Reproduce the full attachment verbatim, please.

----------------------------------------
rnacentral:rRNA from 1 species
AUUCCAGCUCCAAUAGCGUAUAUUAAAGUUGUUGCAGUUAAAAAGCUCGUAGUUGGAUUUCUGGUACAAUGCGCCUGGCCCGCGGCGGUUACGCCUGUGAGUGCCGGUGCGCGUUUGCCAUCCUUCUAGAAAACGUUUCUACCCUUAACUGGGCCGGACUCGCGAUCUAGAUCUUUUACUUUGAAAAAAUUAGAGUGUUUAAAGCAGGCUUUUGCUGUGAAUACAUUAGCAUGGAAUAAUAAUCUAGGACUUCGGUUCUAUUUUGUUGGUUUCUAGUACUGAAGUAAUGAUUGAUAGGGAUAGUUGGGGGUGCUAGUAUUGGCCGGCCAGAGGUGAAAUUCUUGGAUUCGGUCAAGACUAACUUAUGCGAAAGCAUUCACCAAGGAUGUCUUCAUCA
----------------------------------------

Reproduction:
rnacentral:rRNA from 1 species
AUUCCAGCUCCAAUAGCGUAUAUUAAAGUUGUUGCAGUUAAAAAGCUCGUAGUUGGAUUUCUGGUACAAUGCGCCUGGCCCGCGGCGGUUACGCCUGUGAGUGCCGGUGCGCGUUUGCCAUCCUUCUAGAAAACGUUUCUACCCUUAACUGGGCCGGACUCGCGAUCUAGAUCUUUUACUUUGAAAAAAUUAGAGUGUUUAAAGCAGGCUUUUGCUGUGAAUACAUUAGCAUGGAAUAAUAAUCUAGGACUUCGGUUCUAUUUUGUUGGUUUCUAGUACUGAAGUAAUGAUUGAUAGGGAUAGUUGGGGGUGCUAGUAUUGGCCGGCCAGAGGUGAAAUUCUUGGAUUCGGUCAAGACUAACUUAUGCGAAAGCAUUCACCAAGGAUGUCUUCAUCA